The Epicure Shop has been a Cabbagetown fixture since the '80s. Helmed by Patty Junior (who does the buying, as well as creates the lavish holiday gift baskets), and with ample help from her family, the independent grocery is a go-to spot for local meats and cheeses, and unusual food stuffs.
At one time, there were three Toronto shops under the Epicure umbrella, but Junior eventually shut down the other two and returned to her Cabbagetown roots. Perhaps the most impressive feat of the shop is that it manages to cram so much stock into such a cramped space. Jars are propped on shelves high enough to necessitate a stool, each inch of shelf space is used to its full potential, and flavoured olive oils share counter space with lush, no-skimp-on-the-butter donuts. It's a shop of curiosities for food lovers, and you could easily spend an hour inching through the small space.
When Junior first opened the store, she focused on Italian products (due to her Italian background) but now you'll find a range of Ontario products including cheddars from Maple Dale Cheese (including a 9-year-old cheddar on special for $7.99/100 g) and Upper Canada Cheese Company , and jams from Niagara on the Lake's Greaves .
Epicure also stocks artisanal charcuterie from Le Canard ($7.99 for 100g of spiced pork tenderloin, or $8.99 for duck pate), and fresh-roasted coffees from Kicking Horse and I Deal . The shop's house blend (which can be enjoyed with their range of breakfast sandwiches, including options with peameal for under $5), is from Reunion Island .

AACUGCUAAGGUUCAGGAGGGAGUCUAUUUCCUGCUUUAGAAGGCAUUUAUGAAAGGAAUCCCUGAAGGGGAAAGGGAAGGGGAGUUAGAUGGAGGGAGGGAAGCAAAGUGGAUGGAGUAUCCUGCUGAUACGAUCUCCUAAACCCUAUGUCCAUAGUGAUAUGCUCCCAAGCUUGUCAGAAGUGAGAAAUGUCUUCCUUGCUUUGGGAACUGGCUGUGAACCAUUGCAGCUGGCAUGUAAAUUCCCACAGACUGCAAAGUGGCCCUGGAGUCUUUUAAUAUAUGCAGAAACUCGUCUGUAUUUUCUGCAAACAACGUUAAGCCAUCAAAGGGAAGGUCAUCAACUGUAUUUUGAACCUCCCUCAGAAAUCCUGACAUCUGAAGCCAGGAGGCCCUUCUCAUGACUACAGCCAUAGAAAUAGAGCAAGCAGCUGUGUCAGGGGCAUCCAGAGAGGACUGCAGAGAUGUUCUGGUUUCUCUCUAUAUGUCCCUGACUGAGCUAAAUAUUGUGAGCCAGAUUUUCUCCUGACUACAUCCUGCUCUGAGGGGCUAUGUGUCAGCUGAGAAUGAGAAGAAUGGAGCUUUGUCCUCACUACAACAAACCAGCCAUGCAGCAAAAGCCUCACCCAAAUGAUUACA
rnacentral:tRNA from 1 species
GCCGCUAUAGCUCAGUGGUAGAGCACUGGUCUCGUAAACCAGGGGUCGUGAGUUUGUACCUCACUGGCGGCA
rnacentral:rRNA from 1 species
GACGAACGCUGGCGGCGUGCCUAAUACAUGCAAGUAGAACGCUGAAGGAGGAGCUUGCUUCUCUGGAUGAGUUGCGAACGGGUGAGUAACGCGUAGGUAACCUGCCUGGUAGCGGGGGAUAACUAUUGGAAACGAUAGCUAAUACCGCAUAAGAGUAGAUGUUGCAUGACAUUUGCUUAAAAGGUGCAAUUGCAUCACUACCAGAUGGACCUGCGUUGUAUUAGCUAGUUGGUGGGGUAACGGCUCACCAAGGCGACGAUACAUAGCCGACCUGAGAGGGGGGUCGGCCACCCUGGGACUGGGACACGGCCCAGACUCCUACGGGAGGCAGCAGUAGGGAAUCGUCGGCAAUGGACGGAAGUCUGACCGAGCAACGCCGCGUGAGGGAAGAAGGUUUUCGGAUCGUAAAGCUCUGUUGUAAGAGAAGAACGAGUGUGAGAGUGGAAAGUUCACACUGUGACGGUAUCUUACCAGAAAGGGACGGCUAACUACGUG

"People have left the neighbourhood and come back for the olives alone," Junior tells me, and indeed, the large green olives flecked with chili peppers ($1.69/100g) and kalamata olives ($2.19/100 g) are remarkably flavorful. You'll also find the usual deli meat suspects such as Genoa salami ($2.39) from Mastro, as well as some other meats from Wagener's Meats , and Mennonite salami ($2.69/100g).
Aside from the stock, what no doubt draws repeat customers and regulars is Junior herself, who is ready with an array of unusual gift ideas, stories about the origins of the food, and a handful of her personal favourites, including hand-made, all-natural tortas from Spain ($5.99), non-filtered flavoured olive oils from Morocco ($10.99), and peanut butter from Peanut Butter and Co. in flavours such as white chocolate and honey. They've also introduced a gluten-free section.
They also offer daily lunch specials (soup and sandwich for $6)--not too shabby. Or, you can opt for panini and gourmet sandwiches ($6.99) such as the Northern Italian--a blend of pesto, asiago cheese, roasted peppers and veggies-- or the staff picks created by her family. The Leo Sicilian Sub, with prosciutto and hot calabrese, is a stand-out.
I've never been a particular fan of shortbread, but when I'm told that the same woman has been making the cookies for the store for 20 years, I have to sample some ($0.85 each), and they do rank high among the best, most butter-rich shortbread I've ever tasted. On the sweet side of things, interspersed among homemade gingerbread cookies, are Dufflet pastries, and a variety of pies, packaged biscuits, and loafs.
"I've been around for such a long time," Junior tells me, "that I'm able to pick the best from a variety of different companies." Her prices are also kept reasonable. "I don't gouge," she says. "I'd rather sell 20 than 1."